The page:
Ontario infectious disease doctor says British Columbia has “leveled off”, urges slow, steady reopening


One of the first Canadian infectious disease specialists to spot the COVID-19 crisis earlier this year, says British Columbia’s public health performance is the subject of Ontario.

Dr. Michael Gardam, chief of staff at the Humber River Hospital in Toronto, is a veteran of respiratory outbreaks, including the 2003 SARS epidemic in Ontario.

He says the steady decline in the number of deaths and hospital admissions in this province is good news – according to B.C. in a good place to ease the restrictions.

Gardam is confident that British Columbia has reached the peak of the initial wave of COVID-19 infections. Most of the new cases are now linked to known epidemics, and hospital admissions have declined since early April.

3 weeks before Ontario

“Not only have you reached a plateau, but you are descending on the other side. You’re probably three weeks ahead of Ontario and Quebec, “said Gardam.

Provincial health worker Dr. Bonnie Henry reported earlier this week that British Columbia is well positioned to begin lifting the restrictions. (MIke McArthur / CBC)

“That’s all I’ve ever heard of in Toronto, it’s British Columbia. As far as public health issues are concerned, it is unfortunately always a step in the right direction for British Columbia. [and] still bad for Ontario, “he said.

BEFORE CHRIST. Health worker Dr. Bonnie Henry reported on Monday that slower transmission rates and increased testing are putting the province in a good position to start lifting the restrictions.

“We are approaching that time when we can begin to open up,” said Henry during his April 27 briefing.

But Gardam warns that as restrictions are relaxed, it is important that people are not too aggressive with the reopening of businesses, parks and the resumption of large rallies.

“We haven’t stopped it from spreading. These potential cases are still there, ”he said.

Gardam says that each province has a different situation, so unique approaches make sense.

But he said Canadians can expect health strategies to change as businesses reopen, activities resume, and people are no longer isolated.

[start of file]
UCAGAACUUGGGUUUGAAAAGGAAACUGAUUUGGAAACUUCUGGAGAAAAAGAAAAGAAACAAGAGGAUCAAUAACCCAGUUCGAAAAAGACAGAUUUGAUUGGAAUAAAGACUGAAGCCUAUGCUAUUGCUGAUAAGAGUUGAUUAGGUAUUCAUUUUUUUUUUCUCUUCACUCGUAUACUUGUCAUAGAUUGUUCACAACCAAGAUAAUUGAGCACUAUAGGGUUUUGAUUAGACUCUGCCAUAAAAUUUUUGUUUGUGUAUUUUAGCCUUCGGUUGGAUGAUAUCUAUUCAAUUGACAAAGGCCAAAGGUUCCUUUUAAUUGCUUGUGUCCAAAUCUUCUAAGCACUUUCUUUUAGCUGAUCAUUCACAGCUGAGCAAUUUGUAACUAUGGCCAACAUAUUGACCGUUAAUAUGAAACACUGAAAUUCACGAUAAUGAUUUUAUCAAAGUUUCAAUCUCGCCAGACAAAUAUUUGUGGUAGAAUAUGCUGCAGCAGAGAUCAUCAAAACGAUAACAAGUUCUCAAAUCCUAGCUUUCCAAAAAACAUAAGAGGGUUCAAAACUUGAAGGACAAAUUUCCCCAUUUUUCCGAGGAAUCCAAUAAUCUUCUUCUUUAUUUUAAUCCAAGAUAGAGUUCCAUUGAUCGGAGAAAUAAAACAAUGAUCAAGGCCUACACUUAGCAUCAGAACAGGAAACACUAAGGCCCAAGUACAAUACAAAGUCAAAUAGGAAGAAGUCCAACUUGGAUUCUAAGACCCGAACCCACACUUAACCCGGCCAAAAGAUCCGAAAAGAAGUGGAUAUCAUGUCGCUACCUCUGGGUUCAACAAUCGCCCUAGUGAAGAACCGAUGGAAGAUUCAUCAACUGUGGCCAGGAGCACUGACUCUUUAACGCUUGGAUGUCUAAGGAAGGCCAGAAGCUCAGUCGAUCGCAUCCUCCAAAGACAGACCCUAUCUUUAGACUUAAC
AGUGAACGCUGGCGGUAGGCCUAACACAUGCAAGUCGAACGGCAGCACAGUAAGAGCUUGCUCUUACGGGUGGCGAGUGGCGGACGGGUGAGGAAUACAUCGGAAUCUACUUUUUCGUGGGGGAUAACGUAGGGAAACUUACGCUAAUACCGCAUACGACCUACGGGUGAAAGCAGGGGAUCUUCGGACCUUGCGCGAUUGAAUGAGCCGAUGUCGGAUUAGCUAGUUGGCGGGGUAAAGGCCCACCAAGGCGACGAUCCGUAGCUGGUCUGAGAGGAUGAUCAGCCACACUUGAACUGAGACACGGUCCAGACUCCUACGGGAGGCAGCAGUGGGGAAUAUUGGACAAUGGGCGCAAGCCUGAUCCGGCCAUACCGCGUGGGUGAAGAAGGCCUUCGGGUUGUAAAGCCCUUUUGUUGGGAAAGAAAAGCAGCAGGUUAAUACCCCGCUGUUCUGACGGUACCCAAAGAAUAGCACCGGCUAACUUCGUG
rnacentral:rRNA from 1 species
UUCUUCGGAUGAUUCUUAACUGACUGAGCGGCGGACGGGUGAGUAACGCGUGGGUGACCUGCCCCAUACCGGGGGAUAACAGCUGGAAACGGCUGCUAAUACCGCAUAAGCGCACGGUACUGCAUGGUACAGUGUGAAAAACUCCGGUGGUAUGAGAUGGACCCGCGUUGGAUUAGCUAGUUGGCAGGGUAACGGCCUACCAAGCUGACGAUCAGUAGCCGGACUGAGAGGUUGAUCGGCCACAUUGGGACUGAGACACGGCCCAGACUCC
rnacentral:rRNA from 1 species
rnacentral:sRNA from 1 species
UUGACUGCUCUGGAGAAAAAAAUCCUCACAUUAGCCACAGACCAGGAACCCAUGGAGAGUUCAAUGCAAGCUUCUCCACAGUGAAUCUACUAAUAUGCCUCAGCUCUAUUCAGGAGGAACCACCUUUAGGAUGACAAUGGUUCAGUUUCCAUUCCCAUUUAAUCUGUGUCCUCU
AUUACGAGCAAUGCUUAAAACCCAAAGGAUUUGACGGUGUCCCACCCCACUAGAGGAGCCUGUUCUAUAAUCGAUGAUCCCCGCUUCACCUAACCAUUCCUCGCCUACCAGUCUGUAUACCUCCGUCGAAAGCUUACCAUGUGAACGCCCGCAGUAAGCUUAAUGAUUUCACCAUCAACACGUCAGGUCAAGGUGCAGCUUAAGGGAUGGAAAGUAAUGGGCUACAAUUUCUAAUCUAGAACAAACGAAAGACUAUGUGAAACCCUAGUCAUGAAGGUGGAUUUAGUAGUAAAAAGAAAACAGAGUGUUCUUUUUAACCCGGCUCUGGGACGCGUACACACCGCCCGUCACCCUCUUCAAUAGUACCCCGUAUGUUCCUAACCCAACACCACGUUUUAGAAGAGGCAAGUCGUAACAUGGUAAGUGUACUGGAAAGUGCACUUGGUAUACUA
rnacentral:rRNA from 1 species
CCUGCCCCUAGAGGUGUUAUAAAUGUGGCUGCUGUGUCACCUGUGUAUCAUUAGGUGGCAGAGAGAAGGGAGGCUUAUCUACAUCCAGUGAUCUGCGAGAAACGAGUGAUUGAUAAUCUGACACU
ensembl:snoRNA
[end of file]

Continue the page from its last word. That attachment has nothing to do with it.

He said protecting vulnerable groups through testing and contact tracing has been effective in places like New Zealand and Australia.

Gardam said that Ontario has now tested more people per capita than British Columbia, and that larger tests are becoming more important as restrictions are relaxed.

The McCleery Golf Club in Vancouver reopened on Friday. (Ben Nelms / CBC)

“We have not done this in world history, so no one knows which is the correct answer,” said Gardam.

No regular flu

But he is irritated by those who see COVID-19 as nothing more than a high-profile flu.

“This is not a regular flu,” said Gardam.

Gardam says that people who believe it is “completely wrong” and “maddening”.

Gardam said the COVID-19 death rate is more “orders of magnitude” than the flu, even taking into account all of the asymptomatic cases of the two viral culprits.

Infectious disease expert Dr. Michael Gardam said not only has COVID-19 levels in British Columbia leveled off, but the province “is actually going to the other side.” (Craig Chivers / CBC)

He was one of the first to detect the danger after seeing an alert regarding an epidemic in China.

There is no formal global system for analyzing social media to monitor potential outbreaks. But there are systems run by volunteers that display alerts. ProMED, run by the International Society of Infectious Diseases, is a program monitored by experts.

Gardam saw an alert in late December that described “pneumonia of unknown etiology” in Wuhan, China.

“This is the hell of an infectious bat”

Gardam was not initially alarmed, but that changed as reports continued to arrive. Despite WHO assurances that there was little initial evidence of human-to-human transmission, Gardam said his instinct had intervened.

“As cases continued to arrive, I thought it must be the hell of an infectious bat,” he said.

“It’s like” OK, is it going to have legs? Or is it going to stop? “”

He says it is never easy and often dangerous to be the first person to see something like COVID-19 start.

“We are never ready for this,” he said.

He gave the example of Wuhan’s doctor – Dr. Li Wenliang, 34, who died after trying to alert people to the danger.

“He was trying to expose something that people hadn’t yet recognized. “

Dr. Li Wenliang warned his medical colleagues to wear protective clothing due to a new virus. Li died of the new coronavirus in Wuhan on February 7, 2020. (Li Wenliang / CNN)


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